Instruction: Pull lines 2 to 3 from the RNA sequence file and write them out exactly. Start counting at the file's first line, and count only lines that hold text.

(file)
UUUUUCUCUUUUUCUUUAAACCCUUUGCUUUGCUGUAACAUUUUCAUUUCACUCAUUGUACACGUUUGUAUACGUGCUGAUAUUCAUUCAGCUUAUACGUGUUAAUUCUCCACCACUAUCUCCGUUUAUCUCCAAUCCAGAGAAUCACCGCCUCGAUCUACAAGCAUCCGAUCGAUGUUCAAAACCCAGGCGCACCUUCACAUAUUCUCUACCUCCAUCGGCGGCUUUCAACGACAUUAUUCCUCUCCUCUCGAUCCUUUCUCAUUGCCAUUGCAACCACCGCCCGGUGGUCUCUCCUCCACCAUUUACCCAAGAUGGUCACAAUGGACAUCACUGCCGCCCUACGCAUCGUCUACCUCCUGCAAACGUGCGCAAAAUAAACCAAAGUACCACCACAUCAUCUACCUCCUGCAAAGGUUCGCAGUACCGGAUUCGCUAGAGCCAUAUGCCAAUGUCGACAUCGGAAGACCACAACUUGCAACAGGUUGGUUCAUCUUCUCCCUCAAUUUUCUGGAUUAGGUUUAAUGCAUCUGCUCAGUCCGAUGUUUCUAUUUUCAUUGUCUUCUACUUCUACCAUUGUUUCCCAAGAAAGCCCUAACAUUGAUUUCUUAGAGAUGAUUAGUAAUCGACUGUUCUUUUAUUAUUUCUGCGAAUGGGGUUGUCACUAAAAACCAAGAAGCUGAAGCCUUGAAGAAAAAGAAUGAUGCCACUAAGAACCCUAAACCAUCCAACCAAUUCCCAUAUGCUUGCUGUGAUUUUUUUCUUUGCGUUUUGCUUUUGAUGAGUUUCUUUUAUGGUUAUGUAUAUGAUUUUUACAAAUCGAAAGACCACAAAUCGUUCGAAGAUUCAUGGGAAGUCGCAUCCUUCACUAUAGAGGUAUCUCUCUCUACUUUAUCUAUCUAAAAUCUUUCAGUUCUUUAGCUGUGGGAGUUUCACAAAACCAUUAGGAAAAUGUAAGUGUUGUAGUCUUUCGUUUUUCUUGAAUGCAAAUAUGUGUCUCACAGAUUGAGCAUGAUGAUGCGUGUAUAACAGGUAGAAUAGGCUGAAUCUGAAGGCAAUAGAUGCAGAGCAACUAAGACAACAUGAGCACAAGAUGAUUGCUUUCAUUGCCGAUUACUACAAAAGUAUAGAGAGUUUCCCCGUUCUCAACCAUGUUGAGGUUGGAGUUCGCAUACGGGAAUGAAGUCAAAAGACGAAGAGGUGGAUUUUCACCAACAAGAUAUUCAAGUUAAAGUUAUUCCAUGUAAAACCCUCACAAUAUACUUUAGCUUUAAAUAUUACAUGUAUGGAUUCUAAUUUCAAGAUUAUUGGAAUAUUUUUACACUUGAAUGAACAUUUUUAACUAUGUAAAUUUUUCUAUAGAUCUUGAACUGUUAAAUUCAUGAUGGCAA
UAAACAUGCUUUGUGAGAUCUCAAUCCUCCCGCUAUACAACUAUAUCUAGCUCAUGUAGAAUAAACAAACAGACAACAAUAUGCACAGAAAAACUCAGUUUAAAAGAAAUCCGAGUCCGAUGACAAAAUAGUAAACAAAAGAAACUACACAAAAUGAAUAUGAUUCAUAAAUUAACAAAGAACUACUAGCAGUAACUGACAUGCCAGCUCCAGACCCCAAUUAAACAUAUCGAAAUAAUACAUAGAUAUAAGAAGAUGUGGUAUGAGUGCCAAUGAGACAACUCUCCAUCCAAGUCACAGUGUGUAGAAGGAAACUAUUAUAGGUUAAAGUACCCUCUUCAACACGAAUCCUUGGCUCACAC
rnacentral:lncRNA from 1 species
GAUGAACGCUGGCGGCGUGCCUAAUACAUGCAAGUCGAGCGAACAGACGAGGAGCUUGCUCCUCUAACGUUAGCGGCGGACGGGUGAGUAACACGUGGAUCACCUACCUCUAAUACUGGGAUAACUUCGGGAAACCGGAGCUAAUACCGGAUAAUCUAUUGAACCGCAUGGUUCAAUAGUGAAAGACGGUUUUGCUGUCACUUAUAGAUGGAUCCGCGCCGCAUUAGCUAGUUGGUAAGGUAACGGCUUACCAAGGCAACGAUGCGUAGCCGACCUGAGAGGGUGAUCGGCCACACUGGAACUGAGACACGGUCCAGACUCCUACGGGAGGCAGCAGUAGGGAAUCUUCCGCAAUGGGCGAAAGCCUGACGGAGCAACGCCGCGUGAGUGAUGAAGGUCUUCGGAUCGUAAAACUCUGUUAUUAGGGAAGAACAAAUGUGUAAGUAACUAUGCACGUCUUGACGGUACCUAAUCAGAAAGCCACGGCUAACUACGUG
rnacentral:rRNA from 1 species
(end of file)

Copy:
UAAACAUGCUUUGUGAGAUCUCAAUCCUCCCGCUAUACAACUAUAUCUAGCUCAUGUAGAAUAAACAAACAGACAACAAUAUGCACAGAAAAACUCAGUUUAAAAGAAAUCCGAGUCCGAUGACAAAAUAGUAAACAAAAGAAACUACACAAAAUGAAUAUGAUUCAUAAAUUAACAAAGAACUACUAGCAGUAACUGACAUGCCAGCUCCAGACCCCAAUUAAACAUAUCGAAAUAAUACAUAGAUAUAAGAAGAUGUGGUAUGAGUGCCAAUGAGACAACUCUCCAUCCAAGUCACAGUGUGUAGAAGGAAACUAUUAUAGGUUAAAGUACCCUCUUCAACACGAAUCCUUGGCUCACAC
rnacentral:lncRNA from 1 species